The unexpected highlight of Sworders’ Out of the Ordinary sale on February 15 was this plaster version of the Jean-Jacques Feuchere (1807-1852) sculpture Mephistopheles or Satan. Titled Satan when first exhibited in plaster at the Salon of 1834 and cast in bronze the following year, it proved an influential work for its Romantic portrayal of Mephistopheles as a melancholic rather than a monstrous creature. The subject’s pose is inspired by the famous engraving of Melancholy by Dürer (Feuchere is known to have owned a copy) and in turn is thought to have influenced Rodin’s Thinker.
A number of reductions were cast in bronze measuring 13.5in (34 cm) and 10.5in (21cm), some with the foundry inscription E. de Labroue. Gautier et Cie. The artist also produced an enlarged and reworked version in 1850 known in a few casts – one in the Ashmolean Museum, Oxford.
However, this plaster model, standing 15in (38cm) high was signed and dated to the base J Feuchère 1838 and was inset with a small oval cast bronze plaque with the monogram JF. Clearly it was deemed a lot closer to the artist than the estimate of £200-300 suggested.
Despite some condition issues (the front fins to the wings were missing), it was bought on the phone by a French collector at £6800. Christie’s sold a bronze cast of Mephistopheles in November 2017 for £15,000.
5. Phyllis Keyes cups decorated by Vanessa Bell – £1300
From the early 1930s, the London potter Phyllis Keyes (1881-1968), with a studio in Warren Street and later in Clipstone Street, supplied Vanessa Bell, Duncan Grant and other members of the Bloomsbury Group with earthenware teawares, jugs and vases for decoration.
After firing many pieces (typically marked with a crossed keys and the initial P), they were offered for sale through Heals sited nearby on Tottenham Court Road.
This pair of teacups decorated with a simple design of yellow crosses against a blue ground were probably decorated by Vanessa Bell (1879-1961). One has significant crazing, two chips and a hairline crack, the other has two chips and discolouration. However, such is the market for Bloomsbury and Omega Workshops material that they took £1300 (estimate £40-60) at W&H Peacock in Bedford on February 18.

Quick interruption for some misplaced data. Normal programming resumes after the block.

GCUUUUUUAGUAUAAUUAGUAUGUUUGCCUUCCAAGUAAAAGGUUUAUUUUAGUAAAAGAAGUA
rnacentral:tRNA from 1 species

6. Constance Spry pedestal flower vase – £8500
The society florist Constance Spry (1886-1960) is today considered the 20th century’s most influential floral decorator. Her approach to the art of flower arranging – seasonal, natural, unconventional – has seen a resurgence in recent years, one celebrated last summer at the Garden Museum, London.
Among the exhibits at the show Constance Spry and the Fashion for Flowers was a large array of the pottery vases made for Spry by the Fulham Pottery. The exhibition noted that “Spry tasked her art assistant Florence Standfast to develop wide mouthed bowls to allow for an abundance of blooms and foliage”.
By 1935, the Fulham Pottery was engaged to create the range for sale, producing Standfast’s outsized classically-inspired designs in a Devonshire earthenware. Typically, they were only biscuit fired (Spry liked the plaster-like finish that could be painted if desired) with a glaze only applied internally to make the vessels watertight. Bearing an impressed facsimile signature, they were retailed by Flower Decorations Ltd and remained in production into the mid 1950s.
In commercial terms, these vessels have had a remarkably return to form in the past decade. Keenly sought after by decorators and Spry devotees, most of the large boat-shaped vases are now priced in the low three-figures with others, seemingly made in small numbers, bringing rather more.
Back in February 2020, Norfolk auction house TW Gaze took £2600 for a 19in (43cm) wall pocket, modelled as a swag of fabric. However, that price was made to look modest in comparison with the reception accorded a similarly-sized two handled vase offered by Newport, Shropshire firm Brettels on February 22. Estimated at £200-400, it was hammered down to an online buyer via thesaleroom.com at £8500.